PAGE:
A titanic volcanic eruption in AD 1257 spat out colossal amounts of ash, sulfur and glassy pumice, and affected the climate over the course of the whole planet. It was one of the biggest, if not the biggest, eruptions of the past 7,000 years, and there’s literally evidence of it from pole to pole.
Corn… What the volcano erupted?
Oddly, until recently, no one knew exactly which volcano on Earth had exploded. Geologists scratched their heads until just a few years ago, when multiple pieces of evidence pointed to the real smoking gun: the Samalas volcano on the island of Lombok in Indonesia.
The strongest evidence of such a catastrophic eruption has come from ice cores, both from the Arctic and Antarctic. Each year, a new layer of ice settles in these areas, trapping gases and particles in the atmosphere. They can be dated with extreme precision, making them essential for determining the age of global climate events.
Volcanic sulphate deposits culminate in ice deposits dated 1257/1258 AD, indicating a much larger eruption than that of Krakatau (in 1883) and Tambura (1815), eight times and twice as powerful, respectively .
New work on the eruption looked at evidence for radiocarbon dating, tree rings, the geochemistry of volcanic deposits, and even an ancient historical document called the Babad Lombok, written in Old Javanese on palm leaves, which documents the explosion.
The Babad Lombok talks about an eruption of a volcano called Samalas, which is now part of a volcanic complex that includes Mount Rinjani (which rises over 3,700 meters above sea level) and a huge partially filled caldera of water, forming a crater lake called Segara Anak. This complex is still active, with eruptions still in progress. A developing cone, called Gunung Barujari, has been developing for some time, most notably via eruptive events in the mid-1990s.
The Babad Lombok place the eruption of the mid to late thirteenth century, which corresponds to the ice cores. In 1258, the northern hemisphere experienced an unusually cold summer for the season, with heavy rains and flooding that resulted in widespread crop failures in Europe. This too is consistent with a huge rash; dark particles can rise into the stratosphere and block a fraction of the sunlight, causing temperatures to drop.
Compellingly, tephra – pieces of rock and ash blown off by volcanic eruptions – dated to this time have been found in the northern and southern hemispheres, implying that the volcano itself was near the equator.
Assuming the Babad Lombok described this eruption, geologists looked to the Samalas caldera and its surroundings for evidence. The trunks and branches of burnt trees have been dated to AD 1257.
Fieldwork in the Samalas caldera and surrounding islands shows deposits of tephra throughout the region. The shards of glass in the deposits also match the chemistry of those found in the ice cores dated to the event. By mapping the tephra deposits in the region, scientists found they totaled up to 7.5 cubic kilometers – up to 7 billion tons of fallout.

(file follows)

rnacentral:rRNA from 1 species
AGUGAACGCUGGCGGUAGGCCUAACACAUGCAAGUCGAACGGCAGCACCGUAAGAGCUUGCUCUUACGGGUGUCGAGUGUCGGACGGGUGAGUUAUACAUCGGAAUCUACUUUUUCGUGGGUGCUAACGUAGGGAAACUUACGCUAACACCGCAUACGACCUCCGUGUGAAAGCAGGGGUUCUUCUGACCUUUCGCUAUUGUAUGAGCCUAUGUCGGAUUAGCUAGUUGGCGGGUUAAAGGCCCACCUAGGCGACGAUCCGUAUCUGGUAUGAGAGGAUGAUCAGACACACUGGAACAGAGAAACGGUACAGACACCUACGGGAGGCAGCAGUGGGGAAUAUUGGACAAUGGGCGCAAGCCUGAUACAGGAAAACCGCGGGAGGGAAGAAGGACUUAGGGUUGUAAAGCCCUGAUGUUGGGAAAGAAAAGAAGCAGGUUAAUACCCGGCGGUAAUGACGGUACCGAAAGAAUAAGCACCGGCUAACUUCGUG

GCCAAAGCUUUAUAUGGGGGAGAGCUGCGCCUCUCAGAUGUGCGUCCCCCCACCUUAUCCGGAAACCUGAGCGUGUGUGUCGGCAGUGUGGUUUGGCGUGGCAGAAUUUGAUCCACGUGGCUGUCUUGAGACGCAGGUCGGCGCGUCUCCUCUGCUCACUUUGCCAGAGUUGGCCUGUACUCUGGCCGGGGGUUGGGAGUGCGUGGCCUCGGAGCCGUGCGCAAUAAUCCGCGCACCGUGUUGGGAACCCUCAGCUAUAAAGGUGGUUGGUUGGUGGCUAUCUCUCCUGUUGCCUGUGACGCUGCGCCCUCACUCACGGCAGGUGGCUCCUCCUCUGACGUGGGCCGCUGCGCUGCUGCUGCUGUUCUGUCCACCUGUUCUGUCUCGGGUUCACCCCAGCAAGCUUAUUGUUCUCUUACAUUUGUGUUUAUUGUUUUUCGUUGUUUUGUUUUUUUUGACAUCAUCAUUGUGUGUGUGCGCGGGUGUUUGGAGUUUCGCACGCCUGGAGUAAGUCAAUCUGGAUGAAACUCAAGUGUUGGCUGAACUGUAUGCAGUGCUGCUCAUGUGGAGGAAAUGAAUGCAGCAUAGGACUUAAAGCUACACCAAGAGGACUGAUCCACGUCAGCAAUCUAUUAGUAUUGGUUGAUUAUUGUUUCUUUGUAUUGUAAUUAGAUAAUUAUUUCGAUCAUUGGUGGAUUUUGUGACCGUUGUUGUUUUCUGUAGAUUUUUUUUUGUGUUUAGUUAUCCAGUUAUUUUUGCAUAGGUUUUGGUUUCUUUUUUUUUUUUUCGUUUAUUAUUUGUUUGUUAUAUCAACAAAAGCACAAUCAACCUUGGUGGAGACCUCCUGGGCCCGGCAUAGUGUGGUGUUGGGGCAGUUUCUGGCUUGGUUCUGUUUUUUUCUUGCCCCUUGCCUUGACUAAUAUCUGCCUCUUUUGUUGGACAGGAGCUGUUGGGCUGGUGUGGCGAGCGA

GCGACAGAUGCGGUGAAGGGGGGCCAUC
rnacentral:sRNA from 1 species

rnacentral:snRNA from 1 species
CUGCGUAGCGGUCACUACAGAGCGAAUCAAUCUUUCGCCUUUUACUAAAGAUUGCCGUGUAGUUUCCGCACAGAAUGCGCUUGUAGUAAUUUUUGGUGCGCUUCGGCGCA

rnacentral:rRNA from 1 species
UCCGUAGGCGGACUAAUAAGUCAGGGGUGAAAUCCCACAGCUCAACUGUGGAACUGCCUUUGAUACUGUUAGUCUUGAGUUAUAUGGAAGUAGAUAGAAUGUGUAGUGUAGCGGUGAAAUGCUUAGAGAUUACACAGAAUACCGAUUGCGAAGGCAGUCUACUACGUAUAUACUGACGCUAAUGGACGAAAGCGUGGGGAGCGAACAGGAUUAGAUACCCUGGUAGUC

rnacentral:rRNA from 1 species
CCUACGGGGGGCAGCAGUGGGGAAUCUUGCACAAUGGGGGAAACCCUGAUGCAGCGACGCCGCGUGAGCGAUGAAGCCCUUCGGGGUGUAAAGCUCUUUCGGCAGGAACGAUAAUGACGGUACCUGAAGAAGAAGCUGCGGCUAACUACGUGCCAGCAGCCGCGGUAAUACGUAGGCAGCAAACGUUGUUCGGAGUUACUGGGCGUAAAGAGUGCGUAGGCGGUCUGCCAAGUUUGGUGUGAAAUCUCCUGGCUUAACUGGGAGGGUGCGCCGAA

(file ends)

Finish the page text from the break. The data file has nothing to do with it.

But the total volume of the eruption was much, much larger: Models of the volcano before the eruption indicate that it reached a height of about 4,200 meters above sea level (about 13,800 feet – roughly the size of the largest mountains in Colorado Rocky Mountain National Park). During the eruption, the peak collapsed. By examining all components of the event, scientists find that at least 40 cubic kilometers material was blown out, and the ash plume would have risen 43 kilometers into the sky, possibly up to 50 kilometers. It would have been visible for hundreds of kilometers.
Looking at the event in total, he would have scored about 7.0 on the Volcanic Explosive Index, a logarithmic scale where, for example, the 1980 Mount St. Helens eruption gives a rating of 5 and the last supereruption of the Yellowstone caldera 600,000 years ago was an 8 The Samalas eruption was therefore among the largest in the past 12,000 years.
The eruption was apocalyptic and must have been terrifying for the locals (the capital of the kingdom of Lombok, a city called Pamatan, was wiped out and remains unknown; if ever it was found it could look like Pompeii). There were explosions of steam as the hot magma reacted to seawater (called phreatic eruptions), followed by a magmatic explosion that threw pumice stone and rocks over great distances (several hundred kilometers). After that, there were pyroclastic flows; hot ash and gas that can travel hundreds of kilometers per hour and be hot. The deposits on the island of Lombok reached depths of 35 meters, the height of an eight-story building.
Notice that all evidence of this until a few years ago was indirect and scattered. This work ties it all together, including the new effects of climate change in the northern hemisphere.
Speaking of which, and given the recent publication of the IPCC’s Sixth Assessment Report on Climate Change, you might hear some people say that volcanic eruptions make up a large part of the carbon dioxide released into the atmosphere; I myself saw a tweet making this claim. This is not only wrong, but absolutely wrong; human activities emit more than a hundred times the carbon dioxide of all the volcanoes in the world. An eruption by something like Samalas would actually cool us down from the dark particles covering the atmosphere, but only a little, only for a little while, and at a very high cost.
Huge events like the eruption of Samalas can change the course of human history, but on a global scale, they can be difficult to pin down. Human activity, on the other hand, also has the ability to change the planet, and this can be found all over. I was horrified to read about the power of this ancient eruption, but I was sobered to remind myself that we ourselves are doing much worse, and we are continually doing it.
Unlike the planet, we have a choice.